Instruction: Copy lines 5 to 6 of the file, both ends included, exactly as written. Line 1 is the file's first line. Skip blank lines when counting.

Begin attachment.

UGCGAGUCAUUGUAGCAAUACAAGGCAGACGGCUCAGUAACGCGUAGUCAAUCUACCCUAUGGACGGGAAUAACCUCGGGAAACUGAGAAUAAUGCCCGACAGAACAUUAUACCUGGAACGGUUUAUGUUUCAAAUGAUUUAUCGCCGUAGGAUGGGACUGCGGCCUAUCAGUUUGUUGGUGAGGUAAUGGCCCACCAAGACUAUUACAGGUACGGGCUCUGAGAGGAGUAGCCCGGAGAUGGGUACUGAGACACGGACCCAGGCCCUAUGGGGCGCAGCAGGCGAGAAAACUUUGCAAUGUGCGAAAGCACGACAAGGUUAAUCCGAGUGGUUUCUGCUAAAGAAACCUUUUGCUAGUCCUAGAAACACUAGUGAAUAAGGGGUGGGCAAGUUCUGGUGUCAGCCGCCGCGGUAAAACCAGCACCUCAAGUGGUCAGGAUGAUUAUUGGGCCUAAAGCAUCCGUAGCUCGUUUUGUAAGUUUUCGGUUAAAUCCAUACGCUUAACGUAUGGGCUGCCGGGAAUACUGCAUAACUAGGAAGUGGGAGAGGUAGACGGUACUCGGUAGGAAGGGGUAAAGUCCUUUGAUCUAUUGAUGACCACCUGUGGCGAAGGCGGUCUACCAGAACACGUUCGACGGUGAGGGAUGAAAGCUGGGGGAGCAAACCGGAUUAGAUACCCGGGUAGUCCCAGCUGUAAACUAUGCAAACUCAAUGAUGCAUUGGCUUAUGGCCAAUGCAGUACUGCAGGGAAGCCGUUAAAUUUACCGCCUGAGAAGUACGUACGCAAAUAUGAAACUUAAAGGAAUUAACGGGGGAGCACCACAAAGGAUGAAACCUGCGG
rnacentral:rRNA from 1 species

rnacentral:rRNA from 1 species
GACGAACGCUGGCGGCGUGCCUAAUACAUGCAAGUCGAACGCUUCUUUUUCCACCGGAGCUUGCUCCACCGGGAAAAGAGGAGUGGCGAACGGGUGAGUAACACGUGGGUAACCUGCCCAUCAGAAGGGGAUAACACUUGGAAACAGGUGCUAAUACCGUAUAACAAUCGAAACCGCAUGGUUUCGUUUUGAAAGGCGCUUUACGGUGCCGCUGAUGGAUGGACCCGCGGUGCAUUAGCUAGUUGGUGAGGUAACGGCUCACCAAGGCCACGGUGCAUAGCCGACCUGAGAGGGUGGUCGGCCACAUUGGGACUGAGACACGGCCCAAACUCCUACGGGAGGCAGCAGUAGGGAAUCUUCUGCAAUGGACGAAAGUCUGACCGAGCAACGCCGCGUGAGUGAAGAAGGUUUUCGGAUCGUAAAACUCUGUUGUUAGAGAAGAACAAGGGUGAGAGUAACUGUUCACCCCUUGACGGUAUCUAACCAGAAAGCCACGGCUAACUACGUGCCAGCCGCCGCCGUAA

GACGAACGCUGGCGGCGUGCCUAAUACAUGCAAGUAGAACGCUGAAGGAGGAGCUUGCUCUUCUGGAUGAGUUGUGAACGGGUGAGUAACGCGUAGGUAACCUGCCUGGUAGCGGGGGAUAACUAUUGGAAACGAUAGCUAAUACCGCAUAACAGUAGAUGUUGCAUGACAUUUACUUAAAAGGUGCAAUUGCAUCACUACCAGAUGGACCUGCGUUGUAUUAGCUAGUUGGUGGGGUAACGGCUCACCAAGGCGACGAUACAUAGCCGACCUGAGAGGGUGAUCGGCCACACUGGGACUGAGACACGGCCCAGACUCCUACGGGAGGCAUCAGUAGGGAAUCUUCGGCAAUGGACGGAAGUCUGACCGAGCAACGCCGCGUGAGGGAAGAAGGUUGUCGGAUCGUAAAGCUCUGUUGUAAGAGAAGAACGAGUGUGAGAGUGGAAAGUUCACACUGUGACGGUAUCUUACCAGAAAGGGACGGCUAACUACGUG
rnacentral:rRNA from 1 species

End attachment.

GACGAACGCUGGCGGCGUGCCUAAUACAUGCAAGUAGAACGCUGAAGGAGGAGCUUGCUCUUCUGGAUGAGUUGUGAACGGGUGAGUAACGCGUAGGUAACCUGCCUGGUAGCGGGGGAUAACUAUUGGAAACGAUAGCUAAUACCGCAUAACAGUAGAUGUUGCAUGACAUUUACUUAAAAGGUGCAAUUGCAUCACUACCAGAUGGACCUGCGUUGUAUUAGCUAGUUGGUGGGGUAACGGCUCACCAAGGCGACGAUACAUAGCCGACCUGAGAGGGUGAUCGGCCACACUGGGACUGAGACACGGCCCAGACUCCUACGGGAGGCAUCAGUAGGGAAUCUUCGGCAAUGGACGGAAGUCUGACCGAGCAACGCCGCGUGAGGGAAGAAGGUUGUCGGAUCGUAAAGCUCUGUUGUAAGAGAAGAACGAGUGUGAGAGUGGAAAGUUCACACUGUGACGGUAUCUUACCAGAAAGGGACGGCUAACUACGUG
rnacentral:rRNA from 1 species